Sierra Lomuto

Associate Scholar

20172018 Forum on Afterlives

Sierra Lomuto

Doctoral Candidate, English

As a doctoral candidate in English at the University of Pennsylvania, Sierra is interested in how ideologies of race and orientalism developed within pre-colonial global histories. She is completing her dissertation on the racial construction of Mongols in the European Middle Ages and its influence on early English colonialism in the sixteenth century. Exotic Allies: Mongol Alterity in the Global Middle Ages traces the relation between two competing discourses of Mongol representation—the Christian savior and the ferocious monster—in various medieval texts, from thirteenth-century Latin crusade documents, chronicles, and travel narratives to fourteenth-century Middle English romances. 

Mongols, Medieval Race Making, and Marlowe’s Tamburlaine the Great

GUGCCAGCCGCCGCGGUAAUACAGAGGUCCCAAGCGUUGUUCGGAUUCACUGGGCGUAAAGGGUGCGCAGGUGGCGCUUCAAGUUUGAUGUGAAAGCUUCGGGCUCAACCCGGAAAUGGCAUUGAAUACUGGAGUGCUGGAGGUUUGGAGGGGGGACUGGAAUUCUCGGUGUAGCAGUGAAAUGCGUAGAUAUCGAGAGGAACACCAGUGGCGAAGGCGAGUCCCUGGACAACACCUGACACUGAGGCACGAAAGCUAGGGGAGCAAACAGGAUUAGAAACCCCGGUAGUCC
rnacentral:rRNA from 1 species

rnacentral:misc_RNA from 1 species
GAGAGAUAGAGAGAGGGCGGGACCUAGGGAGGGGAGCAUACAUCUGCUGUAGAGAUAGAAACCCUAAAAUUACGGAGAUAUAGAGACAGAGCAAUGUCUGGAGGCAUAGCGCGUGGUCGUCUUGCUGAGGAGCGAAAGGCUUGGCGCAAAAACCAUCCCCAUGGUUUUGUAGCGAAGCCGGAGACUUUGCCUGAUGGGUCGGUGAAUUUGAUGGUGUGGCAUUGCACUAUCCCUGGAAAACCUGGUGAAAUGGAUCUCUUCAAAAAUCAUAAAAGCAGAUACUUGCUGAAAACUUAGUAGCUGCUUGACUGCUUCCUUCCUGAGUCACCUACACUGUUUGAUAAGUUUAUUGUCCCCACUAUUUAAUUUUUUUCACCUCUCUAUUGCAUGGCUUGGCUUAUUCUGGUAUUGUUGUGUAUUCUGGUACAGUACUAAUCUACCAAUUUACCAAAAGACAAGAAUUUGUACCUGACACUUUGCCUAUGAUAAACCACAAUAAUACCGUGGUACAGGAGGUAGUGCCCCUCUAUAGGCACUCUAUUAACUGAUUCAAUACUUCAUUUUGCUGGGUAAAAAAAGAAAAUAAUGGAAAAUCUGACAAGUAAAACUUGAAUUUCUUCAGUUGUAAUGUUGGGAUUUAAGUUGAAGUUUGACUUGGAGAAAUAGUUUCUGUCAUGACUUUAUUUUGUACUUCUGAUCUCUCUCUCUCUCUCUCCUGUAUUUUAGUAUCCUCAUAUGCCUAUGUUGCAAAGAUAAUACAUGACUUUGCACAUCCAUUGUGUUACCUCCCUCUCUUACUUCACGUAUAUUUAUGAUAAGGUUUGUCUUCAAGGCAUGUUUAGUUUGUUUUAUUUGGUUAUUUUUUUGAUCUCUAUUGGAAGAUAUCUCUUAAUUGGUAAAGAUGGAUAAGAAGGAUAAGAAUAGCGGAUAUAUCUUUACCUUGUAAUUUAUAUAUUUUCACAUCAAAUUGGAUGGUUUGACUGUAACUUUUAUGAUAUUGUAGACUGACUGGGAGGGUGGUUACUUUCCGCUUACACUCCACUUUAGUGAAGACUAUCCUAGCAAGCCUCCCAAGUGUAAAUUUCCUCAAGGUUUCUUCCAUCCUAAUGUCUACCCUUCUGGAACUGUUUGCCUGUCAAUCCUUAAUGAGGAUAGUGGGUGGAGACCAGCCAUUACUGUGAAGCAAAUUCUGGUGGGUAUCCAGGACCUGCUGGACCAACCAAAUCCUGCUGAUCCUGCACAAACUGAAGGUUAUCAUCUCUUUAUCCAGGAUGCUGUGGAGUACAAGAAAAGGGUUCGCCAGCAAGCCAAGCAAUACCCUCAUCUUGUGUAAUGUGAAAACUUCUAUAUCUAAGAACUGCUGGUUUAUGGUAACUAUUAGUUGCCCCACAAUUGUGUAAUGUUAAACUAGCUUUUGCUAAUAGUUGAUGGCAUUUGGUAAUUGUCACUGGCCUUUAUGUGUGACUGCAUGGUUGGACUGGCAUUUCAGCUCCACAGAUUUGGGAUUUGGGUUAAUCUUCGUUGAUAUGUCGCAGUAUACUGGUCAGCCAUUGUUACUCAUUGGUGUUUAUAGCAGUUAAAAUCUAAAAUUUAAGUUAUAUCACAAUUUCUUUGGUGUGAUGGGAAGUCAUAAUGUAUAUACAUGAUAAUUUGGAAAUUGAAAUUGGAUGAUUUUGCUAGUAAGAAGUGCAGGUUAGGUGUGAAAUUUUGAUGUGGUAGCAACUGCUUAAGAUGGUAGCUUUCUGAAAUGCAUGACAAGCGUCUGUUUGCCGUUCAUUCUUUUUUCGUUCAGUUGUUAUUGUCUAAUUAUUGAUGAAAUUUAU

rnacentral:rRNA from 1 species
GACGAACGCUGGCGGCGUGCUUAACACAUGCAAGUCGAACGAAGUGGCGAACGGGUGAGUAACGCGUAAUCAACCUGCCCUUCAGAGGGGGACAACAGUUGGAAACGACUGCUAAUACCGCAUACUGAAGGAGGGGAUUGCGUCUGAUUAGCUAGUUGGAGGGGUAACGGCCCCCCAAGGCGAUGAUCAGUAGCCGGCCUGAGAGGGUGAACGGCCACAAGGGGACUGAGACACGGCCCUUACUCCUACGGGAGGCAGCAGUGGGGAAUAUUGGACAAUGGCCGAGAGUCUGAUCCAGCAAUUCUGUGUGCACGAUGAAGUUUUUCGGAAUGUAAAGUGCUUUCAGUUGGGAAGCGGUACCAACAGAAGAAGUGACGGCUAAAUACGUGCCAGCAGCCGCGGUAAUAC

The premodern is often either excluded from histories of race on grounds of anachronism, or perceived as producing nascent forms of later racial ideologies. Yet the anachronism of medieval race arises from teleological conceptions of history in which modernity is both the result of great ruptures that cut it off from medieval histories and the space into which the medieval past consistently arrives. Rather than thinking backward into the medieval to locate what has already been identified in later periods, this project asks how medieval ideologies of race influenced, and elucidate, the formation of colonialist discourse in early modern England. It will examine Christopher Marlowe’s Tamburlaine the Great (1590), loosely based on the Islamic Mongol Timur (1336-1405), in relation to the contemporaneous publication of Hakluyt’s The Texts and Versions of John de Plano Carpini and William de Rubruquis in 1598, a reproduction of thirteenth-century travel narratives into Mongol territory that also promoted the English colonization of North America. By bringing these texts together through the medieval history upon which their discourse relies, this project will reveal a colonialist “afterlife” of medieval race making.